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7090: Events in Haiti (fwd)

From: Greg Chamberlain <GregChamberlain@compuserve.com>

(from Caribbean Insight newsletter)

(16 Feb 01)

President Jean-Bertrand Aristide named a close aide, Jean-Marie Chérestal,
as his prime minister on February 9, brushing aside opposition demands that
the post go to them.  However Chérestal, 54 -- who served as minister of
planning and foreign aid (1993, 1994-95) and of finance (1995-96) and has
been Haiti's chief Lomé and Cotonout Convention trade negotiator since 1998
-- said he would "very quickly" open a dialogue and set up an "open
government" to try to break the political deadlock.  
        But the opposition Democratic Covergence (CD), who have designated
lawyer Gérard Gourgue as the country's "provisional president," ruled out
any participation in the new government.  Other opposition figures,
including former prime minister Marc Bazin, said they were willing to take
        Aristide promised "peace and dialogue" to solve the political and
economic crisis after he was sworn in on February 7.  He announced an
ambitious programme of economic activity and reform, but did not say how it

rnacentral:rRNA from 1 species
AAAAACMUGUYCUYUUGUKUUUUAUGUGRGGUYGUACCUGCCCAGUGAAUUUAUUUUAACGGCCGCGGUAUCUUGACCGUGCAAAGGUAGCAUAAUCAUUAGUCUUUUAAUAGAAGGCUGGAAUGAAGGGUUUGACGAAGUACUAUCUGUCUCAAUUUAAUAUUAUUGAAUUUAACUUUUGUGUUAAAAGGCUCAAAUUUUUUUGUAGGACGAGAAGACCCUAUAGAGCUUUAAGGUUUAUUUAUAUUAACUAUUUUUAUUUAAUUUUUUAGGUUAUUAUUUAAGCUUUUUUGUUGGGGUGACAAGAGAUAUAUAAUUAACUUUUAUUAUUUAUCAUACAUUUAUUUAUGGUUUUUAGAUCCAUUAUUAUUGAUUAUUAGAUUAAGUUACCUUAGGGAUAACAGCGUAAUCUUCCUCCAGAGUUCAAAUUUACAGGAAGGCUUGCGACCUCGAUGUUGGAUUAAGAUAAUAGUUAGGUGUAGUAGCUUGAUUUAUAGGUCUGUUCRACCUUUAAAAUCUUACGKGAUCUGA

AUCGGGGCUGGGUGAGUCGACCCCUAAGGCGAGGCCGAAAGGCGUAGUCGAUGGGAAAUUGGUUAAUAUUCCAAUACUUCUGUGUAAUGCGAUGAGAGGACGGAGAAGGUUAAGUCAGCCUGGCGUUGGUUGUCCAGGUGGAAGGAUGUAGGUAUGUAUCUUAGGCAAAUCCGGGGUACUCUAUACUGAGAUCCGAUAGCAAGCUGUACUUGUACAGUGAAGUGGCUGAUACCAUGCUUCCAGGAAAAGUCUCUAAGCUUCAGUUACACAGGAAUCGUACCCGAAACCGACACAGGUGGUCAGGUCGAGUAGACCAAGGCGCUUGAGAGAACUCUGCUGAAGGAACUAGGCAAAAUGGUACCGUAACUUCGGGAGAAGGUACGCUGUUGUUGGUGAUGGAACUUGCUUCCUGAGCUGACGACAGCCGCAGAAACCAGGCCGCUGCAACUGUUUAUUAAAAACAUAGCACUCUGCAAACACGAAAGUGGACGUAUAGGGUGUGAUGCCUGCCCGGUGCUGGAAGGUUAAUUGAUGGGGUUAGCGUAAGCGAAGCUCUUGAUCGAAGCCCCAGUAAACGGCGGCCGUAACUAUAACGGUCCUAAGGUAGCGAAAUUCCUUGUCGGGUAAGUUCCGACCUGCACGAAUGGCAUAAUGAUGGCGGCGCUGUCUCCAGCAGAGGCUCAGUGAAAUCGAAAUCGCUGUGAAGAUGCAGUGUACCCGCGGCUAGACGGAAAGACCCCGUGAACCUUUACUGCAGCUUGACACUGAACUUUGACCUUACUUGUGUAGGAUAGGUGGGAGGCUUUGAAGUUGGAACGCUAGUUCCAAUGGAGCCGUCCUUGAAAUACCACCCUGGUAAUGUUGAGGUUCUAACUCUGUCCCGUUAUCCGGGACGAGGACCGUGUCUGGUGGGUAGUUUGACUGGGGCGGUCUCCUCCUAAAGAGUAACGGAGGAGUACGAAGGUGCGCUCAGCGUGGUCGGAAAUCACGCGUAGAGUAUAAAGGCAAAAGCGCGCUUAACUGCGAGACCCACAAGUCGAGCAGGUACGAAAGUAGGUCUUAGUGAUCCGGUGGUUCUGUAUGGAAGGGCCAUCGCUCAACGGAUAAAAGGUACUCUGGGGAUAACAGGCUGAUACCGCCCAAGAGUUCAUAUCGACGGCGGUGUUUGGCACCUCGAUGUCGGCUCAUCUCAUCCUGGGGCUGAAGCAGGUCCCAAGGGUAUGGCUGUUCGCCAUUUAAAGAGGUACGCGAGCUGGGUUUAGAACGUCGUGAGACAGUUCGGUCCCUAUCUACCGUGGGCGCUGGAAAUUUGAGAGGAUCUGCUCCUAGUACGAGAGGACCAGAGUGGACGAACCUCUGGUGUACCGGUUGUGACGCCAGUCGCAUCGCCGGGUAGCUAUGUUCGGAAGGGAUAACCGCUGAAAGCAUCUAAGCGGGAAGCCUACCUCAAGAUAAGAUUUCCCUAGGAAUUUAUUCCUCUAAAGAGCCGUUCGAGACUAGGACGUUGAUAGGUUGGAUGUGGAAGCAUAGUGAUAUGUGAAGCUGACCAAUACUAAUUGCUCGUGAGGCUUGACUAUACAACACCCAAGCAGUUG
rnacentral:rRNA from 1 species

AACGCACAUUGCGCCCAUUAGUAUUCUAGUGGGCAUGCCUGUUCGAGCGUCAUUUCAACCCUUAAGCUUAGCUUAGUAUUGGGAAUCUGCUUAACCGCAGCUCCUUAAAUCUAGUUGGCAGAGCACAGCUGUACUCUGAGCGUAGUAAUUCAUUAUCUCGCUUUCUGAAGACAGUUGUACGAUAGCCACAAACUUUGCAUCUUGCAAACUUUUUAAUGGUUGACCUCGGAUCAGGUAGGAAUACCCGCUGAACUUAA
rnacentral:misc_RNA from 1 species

would be financed in view of the freeze in foreign aid stemming from doubts
about the new government's legitimacy.  His speech was preceeded by a
strong warning from Hubert Constant, president of the Catholic Bishops'
Conference, that violence and impunity could no longer be tolerated.  Only
one foreign head of government, Belizean prime minister Said Musa, attended
the inauguration.
        In his own "inaugural" speech, Gourgue stressed his past as a human
rights campaigner, but called for the return of the army, which was
effectively dissolved by Aristide in 1995 but has not been legally
abolished.  Government lawyers are considering legal action against the CD
for proclaiming a rival president.
        A civilian former diplomat, Arvel Jean-Baptiste, was appointed
deputy police chief (inspector-general) on February 13.  The influential
Sen. Dany Toussaint is expected to be named head of the force to replace
Pierre Denizé, who had been a target of strong Lavalas criticism, but
recent reports have spoken of tension between Aristide and Toussaint.